The great Irish famine proved something of a turning point in the fortunes of evangelical political economics. As a set of ideas, evangelical political economy dominated public intellectual discourse and the minds of key government actors and policy makers through much of the first half of the 19th century and society as a whole in England adopted its moral tone. This consciousness and the policy of strictly limiting governmental intervention on behalf of the poor shaped the early British response to the Irish famine in the beginning. As the crisis intensified, so did the rhetoric of divine visitation. Sir Charles Trevelyan, the British administrator of relief to the Irish, limited his government’s efforts because “the judgment of God sent the calamity to teach the Irish a lesson. . . a direct stroke of an all-wise and all-merciful Providence [designed to reveal] the deep and inveterate root of social evil.” The public works that had been organized were deliberately structured so as to produce no profit, leaving starving men to pay their own expenses while doing pure make work. Then, for a time, all relief was suspended. Meanwhile, the costs of the Poor Law fell on local landlords, who simply evicted their tenants in response, and the Law denied anyone with at least a quarter of an acre of land any relief; it also forced tenants to forfeit their land to their landlord if they couldn’t produce enough to pay rent and taxes. Nearly 200,000 people were driven off the land in 1849-50.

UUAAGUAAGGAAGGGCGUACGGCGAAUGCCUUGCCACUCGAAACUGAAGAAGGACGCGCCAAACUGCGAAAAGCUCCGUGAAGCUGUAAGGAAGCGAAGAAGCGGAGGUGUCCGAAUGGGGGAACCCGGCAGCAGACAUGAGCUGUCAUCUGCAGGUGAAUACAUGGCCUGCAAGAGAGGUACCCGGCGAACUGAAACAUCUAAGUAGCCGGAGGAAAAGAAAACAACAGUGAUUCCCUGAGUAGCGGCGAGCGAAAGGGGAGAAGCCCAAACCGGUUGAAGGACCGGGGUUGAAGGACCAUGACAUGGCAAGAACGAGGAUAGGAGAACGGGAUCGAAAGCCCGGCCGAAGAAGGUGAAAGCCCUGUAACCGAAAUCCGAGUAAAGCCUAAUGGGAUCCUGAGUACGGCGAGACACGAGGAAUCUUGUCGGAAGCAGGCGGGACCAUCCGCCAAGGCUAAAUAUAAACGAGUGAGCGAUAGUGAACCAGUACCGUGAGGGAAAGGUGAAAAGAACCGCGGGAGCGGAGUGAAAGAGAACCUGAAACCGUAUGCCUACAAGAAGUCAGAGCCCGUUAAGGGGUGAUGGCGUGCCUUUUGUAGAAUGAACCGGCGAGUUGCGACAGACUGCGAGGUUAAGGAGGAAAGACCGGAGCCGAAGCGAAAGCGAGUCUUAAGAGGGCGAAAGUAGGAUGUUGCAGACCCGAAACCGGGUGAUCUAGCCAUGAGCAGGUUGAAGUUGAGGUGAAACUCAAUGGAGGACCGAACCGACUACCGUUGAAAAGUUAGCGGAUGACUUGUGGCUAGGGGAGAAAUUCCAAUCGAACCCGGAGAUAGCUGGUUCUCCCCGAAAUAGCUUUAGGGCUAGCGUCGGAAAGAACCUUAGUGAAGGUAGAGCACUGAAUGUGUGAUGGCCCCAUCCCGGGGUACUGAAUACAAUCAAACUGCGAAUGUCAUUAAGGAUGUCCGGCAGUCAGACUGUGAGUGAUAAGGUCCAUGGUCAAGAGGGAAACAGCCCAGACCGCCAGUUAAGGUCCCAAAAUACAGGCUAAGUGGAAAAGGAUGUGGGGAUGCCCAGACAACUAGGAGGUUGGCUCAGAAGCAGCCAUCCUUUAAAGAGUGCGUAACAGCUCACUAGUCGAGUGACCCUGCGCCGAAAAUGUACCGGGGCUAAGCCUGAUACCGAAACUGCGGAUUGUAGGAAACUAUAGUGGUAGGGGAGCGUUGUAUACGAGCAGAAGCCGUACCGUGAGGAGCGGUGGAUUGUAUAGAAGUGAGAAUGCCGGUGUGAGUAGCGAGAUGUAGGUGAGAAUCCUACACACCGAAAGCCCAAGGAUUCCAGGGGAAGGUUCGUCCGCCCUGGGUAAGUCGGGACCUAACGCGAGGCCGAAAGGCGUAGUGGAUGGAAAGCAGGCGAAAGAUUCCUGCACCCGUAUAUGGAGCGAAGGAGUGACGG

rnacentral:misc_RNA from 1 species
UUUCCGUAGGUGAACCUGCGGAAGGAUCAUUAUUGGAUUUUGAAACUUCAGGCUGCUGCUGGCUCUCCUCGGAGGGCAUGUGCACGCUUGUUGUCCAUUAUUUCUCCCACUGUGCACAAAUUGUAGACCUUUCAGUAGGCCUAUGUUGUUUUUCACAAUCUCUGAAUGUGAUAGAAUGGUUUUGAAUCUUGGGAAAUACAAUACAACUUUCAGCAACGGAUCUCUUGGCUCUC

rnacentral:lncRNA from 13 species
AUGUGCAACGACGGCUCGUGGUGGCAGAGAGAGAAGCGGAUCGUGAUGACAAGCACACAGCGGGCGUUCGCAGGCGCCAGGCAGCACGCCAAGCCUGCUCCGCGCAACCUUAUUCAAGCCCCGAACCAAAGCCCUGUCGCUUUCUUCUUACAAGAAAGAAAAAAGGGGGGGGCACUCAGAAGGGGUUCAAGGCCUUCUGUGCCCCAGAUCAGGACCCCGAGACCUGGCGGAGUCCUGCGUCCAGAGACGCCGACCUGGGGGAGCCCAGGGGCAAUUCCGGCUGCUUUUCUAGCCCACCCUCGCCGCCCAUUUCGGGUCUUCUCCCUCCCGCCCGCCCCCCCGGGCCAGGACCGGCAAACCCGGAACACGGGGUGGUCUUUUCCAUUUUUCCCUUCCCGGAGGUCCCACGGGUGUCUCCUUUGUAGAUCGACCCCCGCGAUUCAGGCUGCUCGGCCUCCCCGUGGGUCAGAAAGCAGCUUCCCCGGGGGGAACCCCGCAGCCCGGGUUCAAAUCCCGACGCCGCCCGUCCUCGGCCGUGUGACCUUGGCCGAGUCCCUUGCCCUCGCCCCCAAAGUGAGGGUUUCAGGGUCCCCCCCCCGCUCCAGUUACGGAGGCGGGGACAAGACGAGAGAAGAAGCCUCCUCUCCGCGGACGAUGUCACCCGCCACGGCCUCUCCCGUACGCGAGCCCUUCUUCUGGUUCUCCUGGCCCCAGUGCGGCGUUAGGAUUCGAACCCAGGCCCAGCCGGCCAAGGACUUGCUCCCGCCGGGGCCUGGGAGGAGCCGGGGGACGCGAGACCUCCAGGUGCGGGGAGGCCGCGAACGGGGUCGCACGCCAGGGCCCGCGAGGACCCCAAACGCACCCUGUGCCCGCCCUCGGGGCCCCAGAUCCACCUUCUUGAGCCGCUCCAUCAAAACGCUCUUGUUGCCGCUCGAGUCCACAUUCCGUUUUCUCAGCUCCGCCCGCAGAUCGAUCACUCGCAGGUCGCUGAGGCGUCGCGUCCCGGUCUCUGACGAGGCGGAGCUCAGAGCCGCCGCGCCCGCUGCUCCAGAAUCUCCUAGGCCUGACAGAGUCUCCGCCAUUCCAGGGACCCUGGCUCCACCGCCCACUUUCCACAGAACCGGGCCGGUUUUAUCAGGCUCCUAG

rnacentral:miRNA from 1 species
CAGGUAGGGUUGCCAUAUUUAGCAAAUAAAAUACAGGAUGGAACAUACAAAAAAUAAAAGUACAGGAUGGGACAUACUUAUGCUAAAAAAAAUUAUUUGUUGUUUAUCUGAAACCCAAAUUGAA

Eventually, however, the suffering became so visibly overwhelming (perhaps a million people died and another million migrated) that it prompted a backlash of moral revulsion against the moralizers. As both human and national sympathies were awakened in England, so was a sense of outrage at the cold-hearted blamers, who were all pointing in different directions at a bewildering multitude of sins that seemed hardly up to the job of justifying such violent wrath from the Almighty. And it became clear that the government had to act much more forcefully.